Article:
Mary Anne Wise, Co-Founder of Cultural Cloth, is traveling in Guatemala this week. As always, she is multi-tasking. She is teaching an embroidery workshop. She is working on a "yet to be revealed project" (stay tuned for the announcement). And she is checking in with her rug hooking artisan friends. These connections go back years. The women know her and she knows them. Mary Anne has watched these ladies grow up, raise kids of their own and in some cases even welcome grandchildren.
Mary Anne feels privileged on this trip to be able to visit the villages and homes of some of the artisans who are part of Multicolores, the Guatemalan nonprofit that develops, nurtures and promotes these artisans. Multicolores divides their artisans into small groups that each have an artisan group leader. Pictured here are the artisans near the village of Chichi, with their group leader Yolanda. (Yolanda is pictured seated in the middle.)
“Yolanda is a great group leader, not only is she an impressive textile artist but she is great at mentoring the new women in the group,” said Mary Anne. Recently, Yolanda’s daughter started rug hooking and she is learning fast.
The women gathered to welcome Mary Anne and her group of visitors but it was also a great opportunity for the women to get together. They welcomed the visitors with a traditional alfombra, or carpet of flowers.
Later, the women had a chance to hook rugs together and to share with each other what they have been working on. “We call it a ‘throw down’”, said Mary Anne. “We go around the room and give feedback on the rugs that they are working on. The first time you participate in a group like this, it is scary, but you soon realize this is one of the best ways to learn. Sometimes I see women make design changes to the rugs that they are working on. These changes can really make a difference.”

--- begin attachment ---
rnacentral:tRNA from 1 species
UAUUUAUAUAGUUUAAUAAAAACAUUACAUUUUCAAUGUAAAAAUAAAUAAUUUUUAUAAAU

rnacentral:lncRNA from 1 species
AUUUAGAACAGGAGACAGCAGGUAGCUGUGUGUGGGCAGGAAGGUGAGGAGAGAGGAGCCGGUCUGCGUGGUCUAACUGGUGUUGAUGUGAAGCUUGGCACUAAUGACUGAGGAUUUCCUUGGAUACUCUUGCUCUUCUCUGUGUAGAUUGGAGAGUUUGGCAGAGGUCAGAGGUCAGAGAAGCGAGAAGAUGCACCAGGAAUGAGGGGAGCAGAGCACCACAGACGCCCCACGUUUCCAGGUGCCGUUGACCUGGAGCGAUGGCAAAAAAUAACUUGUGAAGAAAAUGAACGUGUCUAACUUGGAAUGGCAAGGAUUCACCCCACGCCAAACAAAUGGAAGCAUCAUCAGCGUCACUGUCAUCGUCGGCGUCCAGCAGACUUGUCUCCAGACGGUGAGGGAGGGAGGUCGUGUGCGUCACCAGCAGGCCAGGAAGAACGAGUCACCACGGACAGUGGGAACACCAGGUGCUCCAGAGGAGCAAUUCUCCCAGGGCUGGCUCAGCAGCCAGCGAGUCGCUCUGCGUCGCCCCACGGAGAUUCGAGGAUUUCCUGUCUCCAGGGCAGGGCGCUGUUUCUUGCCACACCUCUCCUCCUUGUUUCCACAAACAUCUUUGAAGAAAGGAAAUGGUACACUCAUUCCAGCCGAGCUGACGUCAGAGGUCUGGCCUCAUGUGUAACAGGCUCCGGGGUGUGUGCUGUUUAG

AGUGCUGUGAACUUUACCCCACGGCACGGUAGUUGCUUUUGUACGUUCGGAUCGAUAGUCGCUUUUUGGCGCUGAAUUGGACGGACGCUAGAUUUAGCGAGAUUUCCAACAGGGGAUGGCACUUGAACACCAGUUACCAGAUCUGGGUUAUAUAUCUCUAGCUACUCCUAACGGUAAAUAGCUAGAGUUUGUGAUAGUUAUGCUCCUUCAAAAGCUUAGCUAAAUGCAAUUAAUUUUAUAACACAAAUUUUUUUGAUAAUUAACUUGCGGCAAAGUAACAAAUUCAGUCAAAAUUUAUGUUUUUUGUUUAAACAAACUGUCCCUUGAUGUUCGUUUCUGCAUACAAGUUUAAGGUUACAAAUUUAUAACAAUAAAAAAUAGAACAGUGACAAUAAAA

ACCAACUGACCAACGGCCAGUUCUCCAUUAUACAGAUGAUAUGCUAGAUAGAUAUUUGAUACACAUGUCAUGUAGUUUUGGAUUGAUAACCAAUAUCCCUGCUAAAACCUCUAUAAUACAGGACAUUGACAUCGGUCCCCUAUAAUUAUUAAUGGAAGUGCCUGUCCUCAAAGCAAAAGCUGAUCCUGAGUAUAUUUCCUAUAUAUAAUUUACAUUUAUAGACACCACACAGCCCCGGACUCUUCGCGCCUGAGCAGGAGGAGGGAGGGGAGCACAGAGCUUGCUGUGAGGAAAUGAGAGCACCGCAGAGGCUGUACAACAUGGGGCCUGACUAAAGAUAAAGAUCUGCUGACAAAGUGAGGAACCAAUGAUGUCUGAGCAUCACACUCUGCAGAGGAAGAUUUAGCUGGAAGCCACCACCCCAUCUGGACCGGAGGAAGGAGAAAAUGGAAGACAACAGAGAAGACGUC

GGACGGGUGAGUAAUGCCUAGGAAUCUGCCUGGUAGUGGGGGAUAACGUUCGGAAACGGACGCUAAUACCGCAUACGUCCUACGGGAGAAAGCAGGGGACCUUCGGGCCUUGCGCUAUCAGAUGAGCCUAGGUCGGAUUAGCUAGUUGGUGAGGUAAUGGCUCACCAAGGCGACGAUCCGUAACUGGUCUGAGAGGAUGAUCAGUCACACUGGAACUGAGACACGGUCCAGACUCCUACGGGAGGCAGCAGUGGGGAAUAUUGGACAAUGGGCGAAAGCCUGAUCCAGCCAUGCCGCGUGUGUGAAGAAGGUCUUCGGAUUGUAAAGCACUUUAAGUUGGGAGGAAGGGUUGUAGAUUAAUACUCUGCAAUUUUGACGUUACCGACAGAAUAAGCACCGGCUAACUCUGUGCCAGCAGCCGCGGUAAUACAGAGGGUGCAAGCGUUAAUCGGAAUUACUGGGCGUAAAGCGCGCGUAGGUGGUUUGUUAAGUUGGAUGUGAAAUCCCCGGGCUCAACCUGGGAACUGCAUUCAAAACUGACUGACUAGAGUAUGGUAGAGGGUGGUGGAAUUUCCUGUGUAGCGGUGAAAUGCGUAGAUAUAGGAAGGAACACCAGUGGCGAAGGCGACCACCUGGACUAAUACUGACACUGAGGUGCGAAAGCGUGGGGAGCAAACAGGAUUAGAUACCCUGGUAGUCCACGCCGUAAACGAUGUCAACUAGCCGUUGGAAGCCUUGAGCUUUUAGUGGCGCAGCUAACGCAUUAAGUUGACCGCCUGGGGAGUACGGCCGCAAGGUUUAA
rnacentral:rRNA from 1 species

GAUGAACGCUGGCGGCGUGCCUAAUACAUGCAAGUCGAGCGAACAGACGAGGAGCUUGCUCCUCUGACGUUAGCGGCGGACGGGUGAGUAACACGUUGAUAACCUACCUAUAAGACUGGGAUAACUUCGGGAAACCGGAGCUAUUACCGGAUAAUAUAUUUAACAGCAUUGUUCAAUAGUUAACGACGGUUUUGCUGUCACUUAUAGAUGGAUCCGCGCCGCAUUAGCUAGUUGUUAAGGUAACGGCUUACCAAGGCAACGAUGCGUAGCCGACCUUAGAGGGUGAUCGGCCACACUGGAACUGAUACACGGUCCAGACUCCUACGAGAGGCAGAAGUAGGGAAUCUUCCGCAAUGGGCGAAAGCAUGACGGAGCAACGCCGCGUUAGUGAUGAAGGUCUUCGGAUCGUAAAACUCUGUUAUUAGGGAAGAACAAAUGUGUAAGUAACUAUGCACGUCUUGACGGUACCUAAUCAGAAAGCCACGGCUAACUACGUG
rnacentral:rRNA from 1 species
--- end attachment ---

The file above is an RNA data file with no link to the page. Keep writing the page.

“During this visit, we also got to see Yolanda’s new studio which was built by her husband over the last two years. It is a great place to be inspired and to work.”
“We also got to visit Bartola and her young daughter Marjorie in her home. She lives in a small village. We agreed to meet in this village at the church and then she directed us to her home just a few twists and turns away. “I often see Marjorie when I come to visit since it is customary that the artisans bring their young children with to workshops and training sessions. Marjorie quietly sits on Bartola’s back taking in the whole training,” said Wise.
“We visited the room that Bartola uses as her rug hooking studio. I noticed that we textile fanatics are the same everywhere. We love all the colors and we want them all around us. Color and texture inspires us,” explained Mary Anne.
“This visit has been wonderful. I see the artisans developing. Each generation of their rugs gets more beautiful. I also see that the women are more able to take care of themselves and their families. I see cement floors where there once was dirt. I see kids going to school. These women are using their earnings to make a difference in their families. It is inspiring,” summarized Mary Anne.
And then there is the next generation of artisans who are establishing themselves. Pictured below is Petronilla, who is only 17, and already and impressive artist. She has also learned a lot about life in a short time. Earlier this year, she left the group and went to Guatemala City because she thought she could earn more money. She found life in Guatemala City to be very difficult, so she came back to her village and the rug hooking group. She now believes that making rugs is a much better way to make money.